This post is also available in: Dutch

Latest update: 12 May 2023

Akumal is a fun day trip from Playa del Carmen or Tulum for many people. Because who wouldn’t want to swim with turtles? I’ll give you useful tips for your snorkeling adventure, plus a different snorkeling spot nearby (Laguna Yal-Kú) in Akumal.

Snorkeling with turtles in Akumal

For years, people have been visiting Akumal Beach, also known as Akumal Bay, to see the enormous sea turtles with their own eyes. Until February 2018, visits were utterly unregulated. Just hit the beach, bring your snorkel gear and get into the water. It’s quite easy to understand that this was not a sustainable situation. When I first visited Akumal in February 2018, the new rules had just come into effect. I was not allowed to just go on the beach – I had to pay. I thought that was such nonsense at the time: all travel blogs and websites still stated that it was freely accessible. I was convinced that I was being ripped off. So I refused and walked a little further to the part where I could go to the beach for free. But, of course, there was no turtle in sight there.

Akumal Beach in Mexico

Swimming with turtles in Akumal is no longer free

So I’m trying again a few years later. It immediately strikes me that Akumal has become 100x more touristy. It is not necessarily busier, but as soon as I get out of the colectivo and walk down the street towards the beach, so many people try to sell me tours and snorkeling gear. They all put signs with ‘official tours’ on their stall. But no, don’t fall for it! Most Mexicans try to sell you an overpriced tour (750 pesos – 2019 prices) and rent you life jackets that are NOT mandatory. So don’t do it. No really. Even if a life jacket does become mandatory at some point, you rent then at the official entrance. Seriously. In the end, I rented one for 150 pesos, and I brought my own snorkeling set (how chill are those snorkeling masks? Very chill!).

Go explore: snorkeling in Akumal

You pay a 100 pesos entrance fee for beach access only. Just before the entrance, you can rent a safe for 100 pesos at the tiny building. You’ll get your money back on departure. Beach beds have to be rented separately. You walk to the right with your entrance ticket, where you can freely enter the water, but only within the cordoned-off area. If you go beyond the marked area, an angry man in a canoe will chase you back (a fun sight to watch from the beach). While snorkeling, I spot many fish and two rays here, but not a single turtle. You can spot them here too though if you’re lucky.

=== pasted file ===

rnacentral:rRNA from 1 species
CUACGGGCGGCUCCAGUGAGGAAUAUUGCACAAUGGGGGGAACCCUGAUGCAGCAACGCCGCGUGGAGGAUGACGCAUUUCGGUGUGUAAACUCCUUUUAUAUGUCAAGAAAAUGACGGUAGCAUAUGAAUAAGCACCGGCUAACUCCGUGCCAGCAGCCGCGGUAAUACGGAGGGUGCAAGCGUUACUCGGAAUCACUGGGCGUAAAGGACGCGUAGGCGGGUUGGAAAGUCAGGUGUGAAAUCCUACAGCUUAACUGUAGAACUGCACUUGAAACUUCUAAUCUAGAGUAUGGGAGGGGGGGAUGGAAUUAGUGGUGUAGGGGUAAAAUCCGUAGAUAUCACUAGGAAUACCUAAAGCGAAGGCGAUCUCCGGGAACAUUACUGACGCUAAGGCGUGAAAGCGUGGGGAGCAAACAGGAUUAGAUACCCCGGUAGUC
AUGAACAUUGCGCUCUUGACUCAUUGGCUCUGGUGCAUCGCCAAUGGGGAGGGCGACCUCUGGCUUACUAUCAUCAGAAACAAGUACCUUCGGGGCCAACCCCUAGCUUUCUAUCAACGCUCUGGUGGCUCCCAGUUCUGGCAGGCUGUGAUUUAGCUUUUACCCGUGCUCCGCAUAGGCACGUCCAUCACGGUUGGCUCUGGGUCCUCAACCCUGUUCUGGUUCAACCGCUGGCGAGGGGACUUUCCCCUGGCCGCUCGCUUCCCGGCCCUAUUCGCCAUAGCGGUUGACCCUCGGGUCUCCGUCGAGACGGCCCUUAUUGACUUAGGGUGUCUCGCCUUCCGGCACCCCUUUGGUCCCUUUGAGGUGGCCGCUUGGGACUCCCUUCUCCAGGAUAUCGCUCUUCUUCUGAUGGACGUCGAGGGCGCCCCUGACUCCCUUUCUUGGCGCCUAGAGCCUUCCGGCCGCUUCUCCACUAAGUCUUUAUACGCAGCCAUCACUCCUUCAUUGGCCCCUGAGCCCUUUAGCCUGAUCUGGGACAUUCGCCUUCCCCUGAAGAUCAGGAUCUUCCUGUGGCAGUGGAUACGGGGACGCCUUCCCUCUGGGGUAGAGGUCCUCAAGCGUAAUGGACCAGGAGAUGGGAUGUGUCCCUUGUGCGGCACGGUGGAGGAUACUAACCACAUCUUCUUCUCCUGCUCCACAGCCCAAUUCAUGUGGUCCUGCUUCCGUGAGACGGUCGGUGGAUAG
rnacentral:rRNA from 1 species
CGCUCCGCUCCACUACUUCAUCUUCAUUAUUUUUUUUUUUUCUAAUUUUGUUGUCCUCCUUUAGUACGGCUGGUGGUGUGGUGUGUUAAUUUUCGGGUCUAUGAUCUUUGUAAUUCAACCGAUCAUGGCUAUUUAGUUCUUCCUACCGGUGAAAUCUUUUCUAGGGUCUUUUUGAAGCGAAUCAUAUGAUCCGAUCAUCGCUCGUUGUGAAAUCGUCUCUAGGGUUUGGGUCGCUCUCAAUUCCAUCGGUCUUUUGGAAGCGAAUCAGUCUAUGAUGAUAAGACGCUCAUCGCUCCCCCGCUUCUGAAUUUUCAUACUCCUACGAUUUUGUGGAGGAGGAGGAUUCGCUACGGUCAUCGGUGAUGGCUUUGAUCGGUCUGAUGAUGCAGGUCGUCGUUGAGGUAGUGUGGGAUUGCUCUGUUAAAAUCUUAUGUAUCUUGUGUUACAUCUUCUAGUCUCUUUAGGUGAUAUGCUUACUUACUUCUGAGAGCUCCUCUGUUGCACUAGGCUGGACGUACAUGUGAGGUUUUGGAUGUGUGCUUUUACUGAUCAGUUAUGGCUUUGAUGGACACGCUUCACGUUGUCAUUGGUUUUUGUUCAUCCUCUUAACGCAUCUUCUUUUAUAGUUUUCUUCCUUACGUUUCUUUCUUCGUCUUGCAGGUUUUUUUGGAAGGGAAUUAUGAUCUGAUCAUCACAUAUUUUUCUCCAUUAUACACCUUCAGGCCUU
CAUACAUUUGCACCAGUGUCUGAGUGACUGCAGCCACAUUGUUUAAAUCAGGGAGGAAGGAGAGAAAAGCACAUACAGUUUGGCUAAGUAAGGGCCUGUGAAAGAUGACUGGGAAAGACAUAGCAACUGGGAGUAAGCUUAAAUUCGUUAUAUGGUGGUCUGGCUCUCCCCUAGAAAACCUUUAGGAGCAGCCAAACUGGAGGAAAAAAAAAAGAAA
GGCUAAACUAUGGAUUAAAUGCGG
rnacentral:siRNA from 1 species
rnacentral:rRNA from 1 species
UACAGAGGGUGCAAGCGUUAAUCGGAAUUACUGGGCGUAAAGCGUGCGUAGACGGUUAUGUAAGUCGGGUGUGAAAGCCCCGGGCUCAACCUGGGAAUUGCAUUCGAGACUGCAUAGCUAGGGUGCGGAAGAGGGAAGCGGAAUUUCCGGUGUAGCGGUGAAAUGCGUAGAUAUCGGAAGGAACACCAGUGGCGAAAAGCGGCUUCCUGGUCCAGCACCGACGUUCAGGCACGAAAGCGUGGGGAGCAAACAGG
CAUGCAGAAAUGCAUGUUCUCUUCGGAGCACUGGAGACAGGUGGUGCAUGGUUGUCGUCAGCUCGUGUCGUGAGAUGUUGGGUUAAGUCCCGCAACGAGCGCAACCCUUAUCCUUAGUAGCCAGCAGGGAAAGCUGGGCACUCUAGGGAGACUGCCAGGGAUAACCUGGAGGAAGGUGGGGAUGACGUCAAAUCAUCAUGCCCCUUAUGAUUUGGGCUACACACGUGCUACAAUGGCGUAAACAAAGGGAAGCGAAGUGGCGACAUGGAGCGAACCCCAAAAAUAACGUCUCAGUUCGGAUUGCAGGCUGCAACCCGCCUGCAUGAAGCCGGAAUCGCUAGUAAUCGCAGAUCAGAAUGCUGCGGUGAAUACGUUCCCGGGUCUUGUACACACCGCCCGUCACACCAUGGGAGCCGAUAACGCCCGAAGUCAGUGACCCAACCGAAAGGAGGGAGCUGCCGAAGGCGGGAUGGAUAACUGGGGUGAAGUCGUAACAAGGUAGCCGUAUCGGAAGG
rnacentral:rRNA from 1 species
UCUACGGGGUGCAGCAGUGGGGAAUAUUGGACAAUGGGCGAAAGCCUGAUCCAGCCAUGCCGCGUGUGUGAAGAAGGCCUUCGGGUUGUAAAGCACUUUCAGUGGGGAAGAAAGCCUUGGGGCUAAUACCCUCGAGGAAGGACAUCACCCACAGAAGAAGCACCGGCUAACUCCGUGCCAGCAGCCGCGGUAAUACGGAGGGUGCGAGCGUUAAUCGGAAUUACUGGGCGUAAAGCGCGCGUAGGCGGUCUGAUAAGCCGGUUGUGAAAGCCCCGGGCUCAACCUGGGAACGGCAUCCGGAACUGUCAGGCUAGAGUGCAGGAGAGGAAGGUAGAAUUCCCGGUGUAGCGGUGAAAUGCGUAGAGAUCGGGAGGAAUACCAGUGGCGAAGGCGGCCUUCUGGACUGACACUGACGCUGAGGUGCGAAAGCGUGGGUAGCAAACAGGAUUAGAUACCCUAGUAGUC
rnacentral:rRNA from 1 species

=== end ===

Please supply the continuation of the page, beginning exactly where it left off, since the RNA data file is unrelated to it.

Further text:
Increase your chances: do a snorkeling tour in Akumal

Actually, a tour is your best chance of seeing turtles in Akumal. This tour should cost around 500 pesos. You get to swim with a guide between the buoys where the turtles are usually hanging out. They love seagrass. So it’s no wonder that the freely accessible area is exactly where there is no seagrass.

The underlying reason for this strict approach is that the turtles in Akumal, the green sea turtles, are a protected species. That is why their habitat has been protected since the beginning of 2018.

So you can just arrange your snorkeling tour with turtles in Akumal on the spot. Or book a more extensive tour and visit nearby cenotes, for example.

Laguna Yal-Kú in Akumal

If you have a bit more time in Akumal, keep following the long road past the turtles. It leads to Laguna Yal-Kú. Laguna Yal-Kú is a beautiful lagoon to snorkel in. It is expensive by Mexican standards: 300 pesos for the entrance, 230 pesos for the snorkel set, and 60 pesos for a locker in 2019. You can already buy a ticket online in advance. I reluctantly pay when I arrive and notice the stiff prices: I’m here now anyway, I feel sweaty, and want to get into the freshwater as soon as possible.